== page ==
Your gifts are wrapped, your flights are booked and you’re ready to get away for the holidays. However, if you’re planning to bring cannabis with you on your travels, you need to know what’s legal and what’s not – and it’s more complicated than you might think. Read this guide to learn everything you should know before travelling with cannabis.
Travelling within Canada
If you’re flying domestically within Canada, you can legally carry up to 30 grams of dried cannabis in either your carry-on or checked baggage. However, when it comes to cannabis oil, because it is a liquid, the maximum you can transport on an airplane (100 ml) still applies.
If you’re driving across Canada, you should learn the regulations for transporting cannabis. Each province or territory has its own restrictions, but if you’re not sure, a good rule to follow is to keep the cannabis out of all passengers’ reach.
It’s up to you to learn the cannabis laws in the province or territory you’re travelling to; they determine where you can legally consume it. In addition, just because you can carry cannabis in an airport doesn’t mean you can consume it there, although some airports permit consumption in designated smoking areas. Also, remember that you can’t consume cannabis on your flight.
Travelling outside of Canada
Cannabis is still criminalized in most countries, so crossing international borders with cannabis is illegal – in any amount, in any form (including oils) and for any reason. Attempting to cross an international border with cannabis could earn you prosecution, fines or even jail time.
Even if you’re a medical cannabis patient, you can’t take cannabis across the border. It’s also illegal if you’re travelling to a U.S. state where cannabis is legal, since it remains criminalized under U.S. federal law.
U.S. Customs and Border Protection could ask if you’ve ever consumed cannabis. If you say yes, you could be banned from the U.S. for life. You could also be banned if you admit to investing in the U.S. cannabis industry, or if you’re found to be associated with it in any way.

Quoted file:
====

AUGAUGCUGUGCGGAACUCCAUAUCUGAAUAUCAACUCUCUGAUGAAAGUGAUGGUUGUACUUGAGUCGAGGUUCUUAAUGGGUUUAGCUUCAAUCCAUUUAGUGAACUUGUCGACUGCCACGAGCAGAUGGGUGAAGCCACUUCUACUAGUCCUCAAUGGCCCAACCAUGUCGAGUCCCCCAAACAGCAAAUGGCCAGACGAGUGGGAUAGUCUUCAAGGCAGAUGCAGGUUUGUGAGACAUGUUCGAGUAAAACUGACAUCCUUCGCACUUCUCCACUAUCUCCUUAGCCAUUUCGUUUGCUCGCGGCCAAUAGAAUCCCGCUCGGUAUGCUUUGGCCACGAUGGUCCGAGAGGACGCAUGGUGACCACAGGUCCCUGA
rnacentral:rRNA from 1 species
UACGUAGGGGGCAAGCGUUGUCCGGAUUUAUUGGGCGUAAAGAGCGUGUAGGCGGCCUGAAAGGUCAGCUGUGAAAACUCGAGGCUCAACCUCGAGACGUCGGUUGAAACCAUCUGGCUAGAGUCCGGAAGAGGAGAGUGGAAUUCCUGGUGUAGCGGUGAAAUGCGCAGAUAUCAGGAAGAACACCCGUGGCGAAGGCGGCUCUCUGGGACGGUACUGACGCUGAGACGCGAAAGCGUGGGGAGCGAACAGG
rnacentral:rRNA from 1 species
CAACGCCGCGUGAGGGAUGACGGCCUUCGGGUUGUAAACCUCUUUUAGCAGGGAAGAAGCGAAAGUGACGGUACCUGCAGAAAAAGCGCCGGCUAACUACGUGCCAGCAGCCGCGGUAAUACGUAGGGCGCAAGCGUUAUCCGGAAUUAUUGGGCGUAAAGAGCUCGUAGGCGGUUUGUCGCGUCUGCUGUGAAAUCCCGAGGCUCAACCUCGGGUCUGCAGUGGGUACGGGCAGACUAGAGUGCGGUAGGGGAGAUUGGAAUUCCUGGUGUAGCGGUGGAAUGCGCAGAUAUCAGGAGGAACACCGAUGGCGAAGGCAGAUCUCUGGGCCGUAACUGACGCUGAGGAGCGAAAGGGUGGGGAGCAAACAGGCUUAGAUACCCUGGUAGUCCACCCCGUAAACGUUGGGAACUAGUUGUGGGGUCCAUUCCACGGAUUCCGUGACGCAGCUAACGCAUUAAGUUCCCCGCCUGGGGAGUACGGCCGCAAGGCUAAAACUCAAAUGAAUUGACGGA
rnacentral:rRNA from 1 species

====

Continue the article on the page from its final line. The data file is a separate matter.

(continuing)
There are more complications if you’re employed in the Canadian cannabis industry. In September 2018, Canadians were warned that if they work in the business, they could be turned away at the U.S. border or banned for life. Shortly thereafter, U.S. Customs and Border Protection clarified that cannabis-industry employees can enter the U.S. as long as their reason for travel is unrelated to their work. That means employees can travel to the U.S. to visit family, for example, but not for, say, a cannabis-industry conference.
Airports in some U.S. states where cannabis is legal or decriminalized, such as LAX in Los Angeles, California, allow you to carry small amounts of cannabis through security in your carry-on. But that doesn’t mean you can fly into Canada with it – it’s still illegal to cross the Canadian border with cannabis. The Government of Canada website states, “Taking cannabis or any product containing cannabis into Canada is illegal… even if you are travelling to or from an area where cannabis has been legalized or decriminalized.”
People from Japan and South Korea should take note, too: these governments have warned their citizens that if they consume cannabis in Canada they can be prosecuted when they return. In South Korea, where laws apply to its citizens regardless of where they are in the world, this could land consumers five years in prison.
That’s a lot to take in, so remember this rule: If you’re staying within Canada, learn the laws of the region you’re travelling to and carry less than 30 grams. If you’re leaving or re-entering Canada, always leave your cannabis behind.
All content is based on the most recent information as of December 2018.